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Creating and using interactive presentations in distance education courses: A view from the instructor's chair
Instructors of distance education courses have many choices when it comes to designing course materials and learning experiences. One approach has been to develop interactive presentations - audio voice-over slide presentations or presentations incorporating voice-over narration plus other interactive elements. Some of the research to date has focused upon the impact of these types of instructional materials on student academic achievement (Stephenson, Brown, Griffin, 2008; Lents & Cifuentes, 2009; Savoy, Proctor, & Salvendy, 2009; and Geri, 2011). Others have examined interactive presentations from a limited instructor perspective, focusing on the tools and preferences in specific disciplines (Pace & Kelly, 2006; Burke, James, & Ahmadi, 2009; and Gupta, 2011). Little is known, however, about the instructor's perspectives and experiences in actually creating interactive presentations or how they use these materials in distance education environments. This qualitative study sought to offer insights into those experiences. Using an embedded single-case study design (Yin, 2014), interviews with 14 instructors from a Midwestern metropolitan university were conducted during the spring 2014 semester. Sample presentations and course sites in the learning management system were reviewed to provide further details and to compare with interview data. Themes emerging from interviews as to why they chose to create interactive presentations included: voice/persona, sharing personal experiences, expanding or clarifying information, and prior experience with the chosen technology. As for how instructors used these materials, the majority used the presentations as lectures though a few mentioned they also used presentations for supplemental and non-lecture content. Instructors predominately used Microsoft PowerPoint ® software, with starting points, slide design and audio narration choices mentioned. Other themes arising from the interviews referenced time, assessment, and advice. Combined, these themes and details provide a clearer picture of the instructor experience in creating and using interactive presentations in distance education courses. Other instructors and instructional design support personnel, as well as researchers interested in technology-integrated instruction, can utilize this information in their own professional pursuits.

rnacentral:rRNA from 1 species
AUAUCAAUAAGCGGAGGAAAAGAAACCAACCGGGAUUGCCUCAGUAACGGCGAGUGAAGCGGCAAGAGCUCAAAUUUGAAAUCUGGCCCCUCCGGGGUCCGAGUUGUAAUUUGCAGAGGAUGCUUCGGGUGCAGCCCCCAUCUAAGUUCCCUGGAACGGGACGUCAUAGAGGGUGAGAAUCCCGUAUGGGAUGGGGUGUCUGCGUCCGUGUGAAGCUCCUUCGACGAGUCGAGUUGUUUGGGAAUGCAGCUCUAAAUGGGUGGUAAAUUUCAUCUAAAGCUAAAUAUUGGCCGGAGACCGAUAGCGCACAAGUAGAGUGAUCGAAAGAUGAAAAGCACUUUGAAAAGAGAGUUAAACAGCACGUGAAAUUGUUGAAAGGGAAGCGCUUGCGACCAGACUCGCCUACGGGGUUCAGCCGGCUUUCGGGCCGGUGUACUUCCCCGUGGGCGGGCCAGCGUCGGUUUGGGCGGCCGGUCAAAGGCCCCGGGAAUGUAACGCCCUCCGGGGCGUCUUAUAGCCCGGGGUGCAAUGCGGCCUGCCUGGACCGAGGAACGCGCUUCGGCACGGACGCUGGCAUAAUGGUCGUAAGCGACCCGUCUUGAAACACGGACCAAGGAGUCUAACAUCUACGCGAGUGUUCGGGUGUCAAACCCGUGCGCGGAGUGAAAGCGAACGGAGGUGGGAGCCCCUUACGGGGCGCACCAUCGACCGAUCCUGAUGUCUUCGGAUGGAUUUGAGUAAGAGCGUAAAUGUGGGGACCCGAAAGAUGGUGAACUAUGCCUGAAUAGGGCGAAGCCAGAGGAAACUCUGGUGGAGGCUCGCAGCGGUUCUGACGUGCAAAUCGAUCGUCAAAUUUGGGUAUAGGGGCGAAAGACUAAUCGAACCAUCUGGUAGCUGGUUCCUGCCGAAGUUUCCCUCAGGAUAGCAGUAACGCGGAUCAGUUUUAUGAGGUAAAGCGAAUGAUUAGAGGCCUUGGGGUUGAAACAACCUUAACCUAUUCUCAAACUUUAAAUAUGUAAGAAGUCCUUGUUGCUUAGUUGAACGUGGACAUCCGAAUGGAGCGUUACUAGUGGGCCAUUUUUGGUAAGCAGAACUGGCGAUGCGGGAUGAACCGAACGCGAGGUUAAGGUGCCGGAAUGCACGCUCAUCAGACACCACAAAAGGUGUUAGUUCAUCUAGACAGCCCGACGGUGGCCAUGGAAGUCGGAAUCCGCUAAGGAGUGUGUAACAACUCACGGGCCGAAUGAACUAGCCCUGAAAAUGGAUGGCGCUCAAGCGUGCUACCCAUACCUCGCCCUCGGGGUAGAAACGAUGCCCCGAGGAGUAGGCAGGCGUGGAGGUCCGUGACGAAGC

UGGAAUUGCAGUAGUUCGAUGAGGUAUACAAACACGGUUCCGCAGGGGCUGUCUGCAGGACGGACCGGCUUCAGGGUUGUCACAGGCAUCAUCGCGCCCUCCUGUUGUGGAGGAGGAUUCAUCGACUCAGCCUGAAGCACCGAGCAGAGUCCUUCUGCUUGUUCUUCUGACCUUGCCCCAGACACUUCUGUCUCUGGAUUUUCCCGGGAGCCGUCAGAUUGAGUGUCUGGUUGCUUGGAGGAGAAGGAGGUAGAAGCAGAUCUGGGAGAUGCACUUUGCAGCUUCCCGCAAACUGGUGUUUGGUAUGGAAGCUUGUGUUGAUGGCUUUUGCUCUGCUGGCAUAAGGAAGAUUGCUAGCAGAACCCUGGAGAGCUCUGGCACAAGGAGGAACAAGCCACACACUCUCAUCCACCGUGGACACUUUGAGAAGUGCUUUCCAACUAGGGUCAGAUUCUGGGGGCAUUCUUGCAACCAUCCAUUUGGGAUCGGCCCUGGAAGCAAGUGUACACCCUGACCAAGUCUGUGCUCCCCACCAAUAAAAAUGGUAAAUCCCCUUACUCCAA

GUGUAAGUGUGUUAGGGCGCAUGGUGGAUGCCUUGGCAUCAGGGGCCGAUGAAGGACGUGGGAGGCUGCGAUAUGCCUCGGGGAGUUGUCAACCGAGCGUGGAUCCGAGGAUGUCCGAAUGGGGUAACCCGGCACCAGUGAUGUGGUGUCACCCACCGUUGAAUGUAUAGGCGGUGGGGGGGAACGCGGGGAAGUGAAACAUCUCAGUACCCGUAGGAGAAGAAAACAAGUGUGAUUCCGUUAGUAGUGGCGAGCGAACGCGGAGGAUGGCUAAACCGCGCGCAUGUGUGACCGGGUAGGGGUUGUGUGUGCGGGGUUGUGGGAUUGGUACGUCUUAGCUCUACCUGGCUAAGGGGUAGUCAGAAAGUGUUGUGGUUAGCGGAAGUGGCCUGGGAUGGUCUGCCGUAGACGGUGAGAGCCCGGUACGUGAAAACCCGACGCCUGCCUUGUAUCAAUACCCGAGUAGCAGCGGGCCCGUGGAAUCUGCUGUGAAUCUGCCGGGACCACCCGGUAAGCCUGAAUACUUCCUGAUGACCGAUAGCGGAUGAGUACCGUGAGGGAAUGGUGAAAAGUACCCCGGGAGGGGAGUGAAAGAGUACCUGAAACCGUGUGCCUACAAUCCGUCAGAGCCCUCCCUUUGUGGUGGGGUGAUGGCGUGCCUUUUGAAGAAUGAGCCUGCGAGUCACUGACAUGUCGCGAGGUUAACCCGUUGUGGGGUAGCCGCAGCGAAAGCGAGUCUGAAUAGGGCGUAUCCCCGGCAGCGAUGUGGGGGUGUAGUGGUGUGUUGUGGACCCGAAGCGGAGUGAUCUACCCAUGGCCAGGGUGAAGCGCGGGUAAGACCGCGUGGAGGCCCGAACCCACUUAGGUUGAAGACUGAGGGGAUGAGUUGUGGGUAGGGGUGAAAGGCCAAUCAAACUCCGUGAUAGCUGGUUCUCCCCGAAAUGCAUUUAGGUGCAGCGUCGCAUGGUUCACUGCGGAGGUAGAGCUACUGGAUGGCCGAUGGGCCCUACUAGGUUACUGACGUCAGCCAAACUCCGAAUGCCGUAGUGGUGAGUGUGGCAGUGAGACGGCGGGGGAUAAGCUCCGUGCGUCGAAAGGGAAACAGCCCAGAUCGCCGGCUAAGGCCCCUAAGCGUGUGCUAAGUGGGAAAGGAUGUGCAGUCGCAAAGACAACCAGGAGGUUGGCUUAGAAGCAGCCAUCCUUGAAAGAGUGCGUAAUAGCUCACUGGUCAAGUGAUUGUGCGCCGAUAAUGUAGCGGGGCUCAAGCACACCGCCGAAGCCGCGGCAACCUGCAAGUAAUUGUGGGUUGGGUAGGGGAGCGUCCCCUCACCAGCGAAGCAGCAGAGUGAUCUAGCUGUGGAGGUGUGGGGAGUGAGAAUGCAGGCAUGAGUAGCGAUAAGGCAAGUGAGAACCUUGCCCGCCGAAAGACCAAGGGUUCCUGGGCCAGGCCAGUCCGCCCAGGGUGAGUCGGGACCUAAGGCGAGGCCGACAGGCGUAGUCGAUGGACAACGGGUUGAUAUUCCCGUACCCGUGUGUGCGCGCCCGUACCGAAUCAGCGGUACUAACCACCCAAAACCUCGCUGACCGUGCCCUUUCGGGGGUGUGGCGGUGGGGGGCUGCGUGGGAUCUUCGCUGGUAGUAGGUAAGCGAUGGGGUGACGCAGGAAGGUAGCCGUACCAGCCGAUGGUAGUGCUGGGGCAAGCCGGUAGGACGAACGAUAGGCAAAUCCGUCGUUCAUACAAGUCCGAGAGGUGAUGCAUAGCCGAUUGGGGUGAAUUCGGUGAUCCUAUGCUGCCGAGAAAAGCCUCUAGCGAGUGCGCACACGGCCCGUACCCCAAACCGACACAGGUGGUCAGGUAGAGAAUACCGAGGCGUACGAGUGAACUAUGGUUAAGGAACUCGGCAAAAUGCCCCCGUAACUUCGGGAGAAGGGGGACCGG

Instructional Design|Web Studies|Educational technology
Hein, Karen K, "Creating and using interactive presentations in distance education courses: A view from the instructor's chair" (2014). ETD collection for University of Nebraska - Lincoln. AAI3625090.